The Natural History of the Invertebrate Animals, exhibiting their General and Particular Characters, their Distribution, their Classes, their Families, their Genera, and the Quotation of their Principal Species, preceded by an Introduction, presenting the Determination of the Essential Characters of the Animal Being, its distinction from the vegetable and other natural bodies, in short, the Exposition of the Fundamental Principles of Zoology. By the CHEVALIER DE LAMARCK, Member of the Royal Institute of France, of the Legion of Honour,. and of several learned Societies of Europe, and Professor of Zoology in the Museum of Natural History. 5 vols. 8vo, and vol. 6, Part the First.

OUR zoological readers require not to be informed, that the author of this elaborate work is a distinguished veteran in the service of natural science, who has identified his name with the philosophical and commodious division of animals into those which are furnished with a vertebral column, and those which want it. As the latter includes all those tribes which do not belong to the mammalia, birds, reptiles, or fishes, it forms the most extensive portion of the animal kingdom, the most numerous in different races, as well as the most diversified in respect of organization, while, nevertheless, it was long treated with unmerited neglect. It is peculiarly fortunate, therefore, that its study has been so sedulously cultivated, during a long series of years, by a professor of vigorous intellect, acute talents, and confirmed habits of inquiry, and who has, at the same time, long enjoyed the envied opportunities of communication with some of the first naturalists of Europe, besides access to rich and ample stores of animal specimens, collected and arranged by himself and others. His writings, which are now voluminous, are generally characterized by the research and ingenuity of his speculations, and by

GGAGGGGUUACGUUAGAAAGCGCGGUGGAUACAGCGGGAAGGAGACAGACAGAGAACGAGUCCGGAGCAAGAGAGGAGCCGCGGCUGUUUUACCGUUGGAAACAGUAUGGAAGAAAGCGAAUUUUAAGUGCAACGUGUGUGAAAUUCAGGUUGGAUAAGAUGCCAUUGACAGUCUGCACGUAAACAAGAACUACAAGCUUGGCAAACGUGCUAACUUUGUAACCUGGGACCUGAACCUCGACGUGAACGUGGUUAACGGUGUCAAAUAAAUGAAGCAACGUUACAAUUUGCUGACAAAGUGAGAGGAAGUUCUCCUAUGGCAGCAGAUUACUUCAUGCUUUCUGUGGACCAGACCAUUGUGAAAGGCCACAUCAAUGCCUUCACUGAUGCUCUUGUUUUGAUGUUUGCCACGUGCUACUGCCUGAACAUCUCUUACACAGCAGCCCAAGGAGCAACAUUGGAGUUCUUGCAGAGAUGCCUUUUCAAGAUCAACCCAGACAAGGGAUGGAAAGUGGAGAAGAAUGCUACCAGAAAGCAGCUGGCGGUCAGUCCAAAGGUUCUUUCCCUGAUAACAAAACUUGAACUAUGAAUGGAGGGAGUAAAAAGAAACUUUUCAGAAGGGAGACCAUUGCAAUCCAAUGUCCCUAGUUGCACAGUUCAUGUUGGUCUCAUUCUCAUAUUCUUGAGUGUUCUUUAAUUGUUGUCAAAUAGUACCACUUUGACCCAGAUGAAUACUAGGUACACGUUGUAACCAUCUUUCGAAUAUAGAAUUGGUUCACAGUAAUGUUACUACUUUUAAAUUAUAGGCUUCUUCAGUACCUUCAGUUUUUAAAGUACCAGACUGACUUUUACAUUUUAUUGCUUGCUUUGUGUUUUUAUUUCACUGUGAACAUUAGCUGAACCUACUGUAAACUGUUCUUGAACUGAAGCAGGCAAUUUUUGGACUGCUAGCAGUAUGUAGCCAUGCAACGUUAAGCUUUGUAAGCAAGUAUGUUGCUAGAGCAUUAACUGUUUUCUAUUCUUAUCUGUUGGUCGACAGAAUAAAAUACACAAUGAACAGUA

the clear and perspicuous language in which he has embodied them; but they also betray a decided propensity to generalize on assumed or deceptive premises, and they are all, more or less, tinctured with the influence of a few leading and favourite doctrines, which seldom rest on very stable foundations. The volumes before us obviously partake of these excellencies and defects. A prefixed notice apprizes us of their general scope and design, namely, a methodical exposition of the principal facts which the learned Professor had collected for his public instructions, accompanied by his own observations and reflections, and presenting his systematical arrangement of the classes, genera, and some of the principal species of invertebrate animals, deduced from their organization, and conveying a methodical illustration of the theory set forth in his Philosophie Zoologique, with some additional developements. Deeply impressed with a sense of the importance of his zoological creed, to the prominent tenets of which he often.recurs with the garrulity of age and vanity, the Chevalier bespeaks the favour of a second careful perusal of his lucubrations, before the reader presumes to question their accuracy or validity. In reply to the objection, that the whole system is derived from his own individual judgment, and consequently, incident to error, he maintains, that in certain cases, the force of circumstances controls the judgment, and that the present is precisely such a case. But this controlling force of circumstances is, we apprehend, far more manifest to the zealous theorist than to the sober and candid inquirer after truth. Another objection which he anticipates, is the irrelevancy of some of the topics which he has thought proper to introduce, but which, he contends, are so many essential elements of the conclusions deducible from his principles. Here, too, we suspect, that he magnifies these subsidiary discussions greatly beyond their value, and that, though he may regard them as very susceptible of demonstration, others may be disposed to consider them as extremely problematical.